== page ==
About a year and a half ago, I was asked to do a 20-minute “tolerance” presentation for an organization’s annual all-staff meeting. I started thinking about why they chose “tolerance” when “inclusion” is in my title. I wondered how my work would differ if I were the equity, diversity, and tolerance director. I concluded that it was critical to clarify the difference between tolerance and inclusion whenever possible, so I wanted to share this post.
You likely have heard Equity, Diversity, and Inclusion (EDI) conversations with words used interchangeably, despite the difference in meaning. For instance, did you know that translation means converting written text into a different language, whereas interpreting is used for verbally converting one language to another? How about the difference between a disparity and an inequity? These words have different meanings, yet they are routinely mixed up in news stories, textbooks, and equity training sessions. A disparity is a difference in health status and mortality rates across population groups which can sometimes be predicted and expected, such as how women have a higher incidence of breast cancer than men. Inequities are avoidable, unfair, and unjust, such as how black women have a higher incidence of breast cancer than white women. See the distinct differences in meaning? Some may think that using translation when they mean interpreter or describing an inequity while using the word disparity is hardly a form of injustice, and they are right. However, failing to distinguish tolerance from inclusion can lead to unintended consequences.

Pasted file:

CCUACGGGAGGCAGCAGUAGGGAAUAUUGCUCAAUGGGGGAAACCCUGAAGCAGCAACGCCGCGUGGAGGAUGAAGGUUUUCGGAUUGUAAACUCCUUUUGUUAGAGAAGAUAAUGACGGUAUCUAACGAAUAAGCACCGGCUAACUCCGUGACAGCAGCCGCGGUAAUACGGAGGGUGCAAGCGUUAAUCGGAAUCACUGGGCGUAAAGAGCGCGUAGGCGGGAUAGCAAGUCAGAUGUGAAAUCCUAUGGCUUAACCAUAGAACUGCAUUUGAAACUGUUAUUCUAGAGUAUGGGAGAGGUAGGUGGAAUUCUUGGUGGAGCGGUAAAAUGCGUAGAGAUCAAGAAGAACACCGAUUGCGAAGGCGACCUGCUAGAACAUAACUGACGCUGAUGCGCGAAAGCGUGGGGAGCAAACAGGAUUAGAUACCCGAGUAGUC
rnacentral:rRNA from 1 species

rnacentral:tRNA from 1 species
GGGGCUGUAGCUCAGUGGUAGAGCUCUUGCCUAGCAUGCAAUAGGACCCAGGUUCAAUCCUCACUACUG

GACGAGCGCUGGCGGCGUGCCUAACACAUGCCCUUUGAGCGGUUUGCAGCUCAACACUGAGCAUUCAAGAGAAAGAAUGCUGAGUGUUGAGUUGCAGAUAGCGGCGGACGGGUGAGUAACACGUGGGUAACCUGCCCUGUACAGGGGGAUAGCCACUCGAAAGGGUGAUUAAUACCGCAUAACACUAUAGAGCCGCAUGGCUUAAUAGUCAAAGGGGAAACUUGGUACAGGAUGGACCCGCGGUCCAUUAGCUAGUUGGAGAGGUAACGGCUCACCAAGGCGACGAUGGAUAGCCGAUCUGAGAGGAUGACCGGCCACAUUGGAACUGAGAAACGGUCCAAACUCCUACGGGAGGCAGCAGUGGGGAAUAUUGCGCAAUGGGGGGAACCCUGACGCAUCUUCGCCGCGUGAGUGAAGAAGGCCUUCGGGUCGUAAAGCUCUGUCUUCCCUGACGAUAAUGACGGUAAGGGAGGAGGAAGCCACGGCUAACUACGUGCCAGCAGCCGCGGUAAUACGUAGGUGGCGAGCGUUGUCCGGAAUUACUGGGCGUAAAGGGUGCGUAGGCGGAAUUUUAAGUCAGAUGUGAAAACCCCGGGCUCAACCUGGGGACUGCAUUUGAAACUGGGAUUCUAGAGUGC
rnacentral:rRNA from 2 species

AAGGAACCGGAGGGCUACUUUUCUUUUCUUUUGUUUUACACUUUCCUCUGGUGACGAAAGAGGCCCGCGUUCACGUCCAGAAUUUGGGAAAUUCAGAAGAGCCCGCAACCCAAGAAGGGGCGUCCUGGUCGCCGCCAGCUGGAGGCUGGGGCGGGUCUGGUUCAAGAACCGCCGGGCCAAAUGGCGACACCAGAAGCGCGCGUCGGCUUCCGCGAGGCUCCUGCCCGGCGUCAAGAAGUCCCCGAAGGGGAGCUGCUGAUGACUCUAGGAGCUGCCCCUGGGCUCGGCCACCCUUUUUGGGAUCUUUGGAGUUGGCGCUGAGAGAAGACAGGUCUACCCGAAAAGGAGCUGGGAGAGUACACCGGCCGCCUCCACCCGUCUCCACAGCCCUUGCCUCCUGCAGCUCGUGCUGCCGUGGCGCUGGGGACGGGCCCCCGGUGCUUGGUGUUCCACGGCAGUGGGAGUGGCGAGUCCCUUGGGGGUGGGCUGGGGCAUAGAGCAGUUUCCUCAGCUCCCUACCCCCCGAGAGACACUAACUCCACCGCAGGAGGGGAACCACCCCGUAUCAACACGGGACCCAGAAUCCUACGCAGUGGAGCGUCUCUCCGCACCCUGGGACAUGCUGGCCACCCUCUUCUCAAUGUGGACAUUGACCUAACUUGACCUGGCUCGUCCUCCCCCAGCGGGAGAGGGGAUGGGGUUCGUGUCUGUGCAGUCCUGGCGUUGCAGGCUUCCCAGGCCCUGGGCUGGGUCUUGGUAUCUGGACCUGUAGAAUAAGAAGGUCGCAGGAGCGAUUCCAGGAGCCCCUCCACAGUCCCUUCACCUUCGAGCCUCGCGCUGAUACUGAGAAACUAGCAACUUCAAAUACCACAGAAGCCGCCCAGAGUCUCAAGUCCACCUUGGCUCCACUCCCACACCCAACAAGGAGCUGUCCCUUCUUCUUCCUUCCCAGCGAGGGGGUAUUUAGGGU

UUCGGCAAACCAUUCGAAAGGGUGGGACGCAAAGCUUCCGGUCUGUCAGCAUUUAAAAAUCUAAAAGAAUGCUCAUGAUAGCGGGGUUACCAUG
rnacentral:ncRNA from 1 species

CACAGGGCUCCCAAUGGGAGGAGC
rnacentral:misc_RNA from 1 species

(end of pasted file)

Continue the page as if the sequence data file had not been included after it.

I have described inclusion while showing snapshots from past family reunions. These events encapsulate the meaning and feeling of inclusion, “the act of creating an environment in which any individual or group can be and feel welcome, respected, supported, and valued.” Last summer, when I attended my family’s biennial reunion in Indianapolis, family organizers created the ultimate inclusive event for over 200 attendees. There was a wide variety of food, events for every generation, indoor and outdoor activities, and memorable bright yellow t-shirts featuring the beautiful couple that started it all, Grandpa “Daddy Harris” and Grandma Harris. There was no doubt that I was included, not simply tolerated.
Though tolerating someone different from me may keep me from obstructing their rights, I see an image of avoidance in my mind’s eye. Tolerance is a passive state. It does not require engagement, curiosity, or connection; all are vital inclusion ingredients.
I believe mixing up these particular words is a big deal. My gift to you includes the definition above and the promise that inclusion is at the forefront of EDI workshops in The Learning Well. We’ll meet you there no matter where you are, in your awareness, understanding, or learning. You will be welcome, respected, supported, and valued, and together we will find a way to make this a more just and equitable world.
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